Warren Buffet and Bill Gates once got together (I know kind of crazy right) and were asked the key to their success. Each of them, independently, said focus.
Does that make you rethink all the little things you’ve been chasing as of late? If two of the wealthiest individuals in the world both believe that focus is the single most important ingredient that got them to where they are at, shouldn’t we take note?
The beauty of it is focus can be applied to anything, including budgeting.
If you are a regular reader of this site you’ll know we’ve touched on a ton of great budgeting topics lately. Everything from how to set up a budget, some monthly budget categories and even how to budget with your significant other.
Today I want to do a deep dive and tell you how I utilize focus to avoid overspending in my monthly budgeting.
Avoiding overspending in my monthly budget
My monthly budget has quite a few categories. Everything from how much we spent on our children to how much we spent on gas. Sometimes (actually more often than I’d care to admit) spending goes higher than I’d like.
For instance, last month wasn’t so hot. There were a lot of things on the budget that didn’t go as planned. Some times you just have those months I guess. I just get overwhelmed and everything gets out of hand.
Having that many categories, especially when I’m feeling overwhelmed, makes focusing on any one thing difficult.
Focus and Budgeting
Every month a few things happen related to my budget. The first is I review last month’s spending. I ask myself a few questions.
How did it go? Are there any areas that got a little out of hand?
The second thing is that I discuss next month’s budget with my wife. This is actually on my todo list today. We touch on several different items that help me put some math to what our month will look like.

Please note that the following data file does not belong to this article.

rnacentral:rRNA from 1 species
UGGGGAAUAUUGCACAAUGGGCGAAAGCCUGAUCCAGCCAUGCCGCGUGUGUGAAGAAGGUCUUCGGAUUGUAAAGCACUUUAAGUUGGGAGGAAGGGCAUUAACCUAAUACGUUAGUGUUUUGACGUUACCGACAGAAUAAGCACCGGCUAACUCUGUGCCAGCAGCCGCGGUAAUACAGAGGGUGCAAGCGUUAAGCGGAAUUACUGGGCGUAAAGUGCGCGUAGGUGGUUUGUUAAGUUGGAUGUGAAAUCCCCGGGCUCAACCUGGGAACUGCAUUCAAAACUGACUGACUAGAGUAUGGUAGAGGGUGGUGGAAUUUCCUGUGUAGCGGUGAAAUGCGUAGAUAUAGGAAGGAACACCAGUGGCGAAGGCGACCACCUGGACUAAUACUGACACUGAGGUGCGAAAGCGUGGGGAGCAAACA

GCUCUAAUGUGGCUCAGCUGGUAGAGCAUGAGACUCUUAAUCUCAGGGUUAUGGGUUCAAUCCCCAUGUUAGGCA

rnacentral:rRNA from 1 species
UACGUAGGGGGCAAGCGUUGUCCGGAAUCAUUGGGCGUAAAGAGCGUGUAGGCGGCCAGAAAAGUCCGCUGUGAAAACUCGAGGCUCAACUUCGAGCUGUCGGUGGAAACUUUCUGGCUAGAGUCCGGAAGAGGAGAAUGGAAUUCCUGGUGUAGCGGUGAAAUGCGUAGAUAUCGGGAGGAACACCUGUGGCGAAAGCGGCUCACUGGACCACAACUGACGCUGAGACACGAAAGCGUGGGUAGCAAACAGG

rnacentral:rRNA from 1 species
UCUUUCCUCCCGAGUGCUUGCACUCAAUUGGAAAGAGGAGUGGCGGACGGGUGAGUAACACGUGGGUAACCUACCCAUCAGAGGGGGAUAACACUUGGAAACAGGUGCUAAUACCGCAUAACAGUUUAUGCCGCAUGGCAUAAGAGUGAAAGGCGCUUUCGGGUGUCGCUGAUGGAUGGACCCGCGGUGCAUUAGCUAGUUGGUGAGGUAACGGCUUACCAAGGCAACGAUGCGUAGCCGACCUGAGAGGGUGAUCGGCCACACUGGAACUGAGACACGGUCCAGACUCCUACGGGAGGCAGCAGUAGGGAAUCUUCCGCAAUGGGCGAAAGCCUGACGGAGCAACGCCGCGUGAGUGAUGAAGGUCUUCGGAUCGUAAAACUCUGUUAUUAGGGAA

Thirdly, I look at our completed budget to see if there are any areas that we are likely to get carried away. For instance, when Christmas rolls around we tend to get a little carried away with the “Christmas Spirit” and overspend. I learned that lesson the hard way.
Now I’ve utilized those lessons for future years.
After reviewing all those items I’ll communicate anything that jumps out with me to my wife. It seems that there is always that one budget category that got out of hand.
That one birthday party, family get together or trip that just we just spend way to much. Unfortunately those are one off items that you can’t do much about. We will certainly take these things into account but that may not be for a while.
Other times its that we spent too much on the kids or the grocery.
DING DING DING!!
Now those are items we can apply a little focus to and keep a close eye on next month.
Two tips to applying focus to budgeting
The first step is that you’ve got to utilize data. If you aren’t budgeting then you’ve got no data to use. Data is so important as you start to make decisions that will have long lasting ramifications on your financial life.
Once you start to get some overall data I’d start to dig deeper into the numbers. If you don’t know what I mean I’d just start looking at your spending numbers and see if anything pops out at you.
For instance, I was looking at my grocery spending for one particular month and realized there were a lot of transactions. That didn’t seem quite right because we only plan on taking one trip a week.
What I realized was that, while we were going over on our grocery budget, it wasn’t the main weekly trips that were getting us. It was the secondary trips.
This leads me to my second tip: keep things simple.
For the grocery example I took it the next step and communicated to my wife that we really need to focus (aha see what I did there) on only taking one grocery trip per week.
Utilizing focus in my budgeting and spending has been a huge help. It has allowed me to keep things simple and not get overwhelmed in all the data, categories and transactions that occur every month.